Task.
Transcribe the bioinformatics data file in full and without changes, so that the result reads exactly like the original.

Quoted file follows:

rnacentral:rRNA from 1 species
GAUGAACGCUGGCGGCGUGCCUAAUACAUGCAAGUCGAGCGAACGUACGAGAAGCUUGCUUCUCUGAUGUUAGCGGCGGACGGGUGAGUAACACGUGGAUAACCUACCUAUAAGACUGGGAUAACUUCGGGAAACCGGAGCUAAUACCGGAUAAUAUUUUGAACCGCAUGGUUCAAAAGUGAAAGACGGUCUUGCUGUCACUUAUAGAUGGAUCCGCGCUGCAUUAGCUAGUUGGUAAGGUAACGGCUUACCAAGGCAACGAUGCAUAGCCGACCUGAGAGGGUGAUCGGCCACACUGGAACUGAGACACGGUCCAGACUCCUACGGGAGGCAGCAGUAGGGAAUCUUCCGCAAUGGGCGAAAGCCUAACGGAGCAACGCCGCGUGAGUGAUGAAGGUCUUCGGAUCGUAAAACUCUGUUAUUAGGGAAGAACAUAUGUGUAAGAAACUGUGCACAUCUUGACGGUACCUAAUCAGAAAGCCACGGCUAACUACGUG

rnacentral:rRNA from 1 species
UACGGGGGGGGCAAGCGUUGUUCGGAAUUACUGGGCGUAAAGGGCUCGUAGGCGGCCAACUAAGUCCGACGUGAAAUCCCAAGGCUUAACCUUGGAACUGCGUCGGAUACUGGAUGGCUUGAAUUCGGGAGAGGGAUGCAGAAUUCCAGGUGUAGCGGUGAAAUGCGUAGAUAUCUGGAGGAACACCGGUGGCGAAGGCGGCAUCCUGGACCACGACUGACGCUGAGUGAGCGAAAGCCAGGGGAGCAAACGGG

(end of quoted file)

rnacentral:rRNA from 1 species
GAUGAACGCUGGCGGCGUGCCUAAUACAUGCAAGUCGAGCGAACGUACGAGAAGCUUGCUUCUCUGAUGUUAGCGGCGGACGGGUGAGUAACACGUGGAUAACCUACCUAUAAGACUGGGAUAACUUCGGGAAACCGGAGCUAAUACCGGAUAAUAUUUUGAACCGCAUGGUUCAAAAGUGAAAGACGGUCUUGCUGUCACUUAUAGAUGGAUCCGCGCUGCAUUAGCUAGUUGGUAAGGUAACGGCUUACCAAGGCAACGAUGCAUAGCCGACCUGAGAGGGUGAUCGGCCACACUGGAACUGAGACACGGUCCAGACUCCUACGGGAGGCAGCAGUAGGGAAUCUUCCGCAAUGGGCGAAAGCCUAACGGAGCAACGCCGCGUGAGUGAUGAAGGUCUUCGGAUCGUAAAACUCUGUUAUUAGGGAAGAACAUAUGUGUAAGAAACUGUGCACAUCUUGACGGUACCUAAUCAGAAAGCCACGGCUAACUACGUG

rnacentral:rRNA from 1 species
UACGGGGGGGGCAAGCGUUGUUCGGAAUUACUGGGCGUAAAGGGCUCGUAGGCGGCCAACUAAGUCCGACGUGAAAUCCCAAGGCUUAACCUUGGAACUGCGUCGGAUACUGGAUGGCUUGAAUUCGGGAGAGGGAUGCAGAAUUCCAGGUGUAGCGGUGAAAUGCGUAGAUAUCUGGAGGAACACCGGUGGCGAAGGCGGCAUCCUGGACCACGACUGACGCUGAGUGAGCGAAAGCCAGGGGAGCAAACGGG